After spending some time in Greece during the 1950s, sorting out the family affairs after the death of his father, Calas began to write poems again in Greek in a cryptic and satirical style. These poems were first published in the avant-garde journal Pali (Πάλι) in the 1960s. This led to a comeback in Greece where he had previously been ignored or neglected as a poet. His old poems were republished together with his new poetry in the two collections Nikitas Randos Street (Οδός Νικήτα Ράντου), which won the State Prize for poetry in 1977, and Scripture and Light (Γραφή και φως) in 1983. Interest in his writings has been steadily increasing in Greece and he is now acknowledged as a groundbreaking poet and an important representative of modernism and a forerunner to Greek surrealism. After the death of Nicolas Calas in 1988 and his wife Elena Calas one year later, their art collection was inherited by the Louisiana Museum of Modern Art, Humlebaek, Denmark. The Nicolas and Elena Calas Archives are located at the Nordic Library in Athens.
Poems (Ποιήματα, 1932)
Notebook I (Τετράδιο Α’, 1933)
Notebook II (Τετράδιο Β’, 1933)
Notebook III (Τετράδιο Γ’, 1934)
Notebook IV (Τετράδιο Δ’, 1936)
Nikitas Randos Street (Οδός Νικήτα Ράντου, 1977. ISBN 960-7721-24-1
Scripture and Light (Γραφή και φως, 1983). ISBN 960-7721-34-9
Sixteen French Poems and Correspondence with William Carlos Williams (Δεκαέξι γαλλικά ποιήματα και αλληλογραφία με τον Ουίλλιαμ Κάρλος Ουίλλιαμς, ed. Spilios Argyropoulos and Vassiliki Kolocotroni, 2002). ISBN 960-17-0084-6
Prose, essays, letters
Hearths of Arson (French: Foyers d’incendie, 1938)
Confound the Wise (1942)
Primitive Heritage (co-edited with Margaret Mead, 1953)
The Peggy Guggenheim Collection of Modern Art (co-written with Elena Calas, 1967)
Art in the Age of Risk (1968)
Icons and Images of the Sixties (co-written with Elena Calas, 1971)
Surrealism Pro & Con (1973)
Essays on Poetry and Aesthetics (Greek: Κείμενα ποιητικής και αισθητικής, ed. Alex. Argyriou, 1982). ISBN 0-8357-1690-2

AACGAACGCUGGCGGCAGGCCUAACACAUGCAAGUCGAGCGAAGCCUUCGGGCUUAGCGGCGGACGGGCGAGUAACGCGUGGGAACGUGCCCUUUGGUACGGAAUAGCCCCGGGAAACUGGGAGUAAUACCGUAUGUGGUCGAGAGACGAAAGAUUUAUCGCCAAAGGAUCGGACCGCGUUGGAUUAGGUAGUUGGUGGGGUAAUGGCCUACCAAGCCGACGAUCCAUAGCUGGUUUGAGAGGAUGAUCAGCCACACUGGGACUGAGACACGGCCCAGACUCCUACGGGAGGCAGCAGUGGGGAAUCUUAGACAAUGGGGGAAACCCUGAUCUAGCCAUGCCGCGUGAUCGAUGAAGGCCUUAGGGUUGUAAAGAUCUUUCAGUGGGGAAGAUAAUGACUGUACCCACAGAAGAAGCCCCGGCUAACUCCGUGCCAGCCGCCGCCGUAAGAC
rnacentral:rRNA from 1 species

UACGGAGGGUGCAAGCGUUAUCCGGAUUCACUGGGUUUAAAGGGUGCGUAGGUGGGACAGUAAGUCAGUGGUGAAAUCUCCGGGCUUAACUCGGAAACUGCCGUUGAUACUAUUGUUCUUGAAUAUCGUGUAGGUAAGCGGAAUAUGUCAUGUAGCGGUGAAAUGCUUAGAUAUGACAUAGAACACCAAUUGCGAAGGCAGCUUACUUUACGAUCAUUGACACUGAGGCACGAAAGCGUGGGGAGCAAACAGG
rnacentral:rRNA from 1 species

Yorgos Theotokas and Nicolas Calas. A Correspondence (Greek: Γιώργος Θεοτοκάς και Νικόλας Κάλας. Μια αλληλογραφία, ed. Ioanna Konstantoulaki-Hantzou, 1989)
Nicolas Calas – Michalis Raptis. A Political Correspondence (Greek: Νικόλας Κάλας – Μιχάλης Ράπτης. Μια πολιτική αλληλογραφία, ed. Lena Hoff, 2002). ISBN 960-325-451-7
Christopher MacGowan ( 1996), “Sparkles of Understanding: Williams and Nicolas Calas,” William Carlos Williams Review, 22:1 (Spring), 81-98.
Panayiotis Bosnakis (1998), “Nicolas Calas’s Poetry and the Critique of Greekness,” Journal of the Hellenic Diaspora, 24:2, 25-40.
Roderick Beaton (1999), An Introduction to Modern Greek Literature, Oxford: Clarendon Press. ISBN 0-19-815859-9
Lena Hoff (2001), The Nicolas and Elena Calas Archive Catalogue, Athens: The Danish Institute at Athens. ISBN 87-7934-002-4
Dickran Tashjian (2001), A Boatload of Madmen: Surrealism and the American Avant-Garde 1920-1950, New York: Thames and Hudson. ISBN 0-500-28285-4
Lena Hoff (2002), “A Surrealist Controversy – The Ideological Conflicts between Nicolas Calas and André Breton during World War II,” Scandinavian Journal of Modern Greek Studies, 1, 20-29. ISSN 1651-1492
Lena Hoff (2003), “Resistance in Exile – A Study of the Political Correspondence between Nicolas Calas and Michalis Raptis ([Michel Pablo]) 1967-72,” Scandinavian Journal of Modern Greek Studies, 2, 17-41. ISSN 1651-1492
Lena Hoff (2008), “The Critical Poetry of Nicolas Calas: Challenging the Poetics of Greekness,” Byzantine and Modern Greek Studies 32:1, 104-121. ISSN 0307-0131
Nikos Stabakis (ed. + transl.) (2008), Surrealism in Greece: An Anthology, University of Texas Press. ISBN 978-0-292-71800-5
Lena Hoff (2009), “The Return of Nikitas Randos: Satire, Memory and Otherness in the Post-War Poetry of Nicolas Calas,” pp. 229-40 in Greek Diaspora and Migration Since 1700, Surrey: Ashgate, ed. Dimitris Tziovas. ISBN 978-0-7546-6609-7
Medieval Greece / Byzantine Empire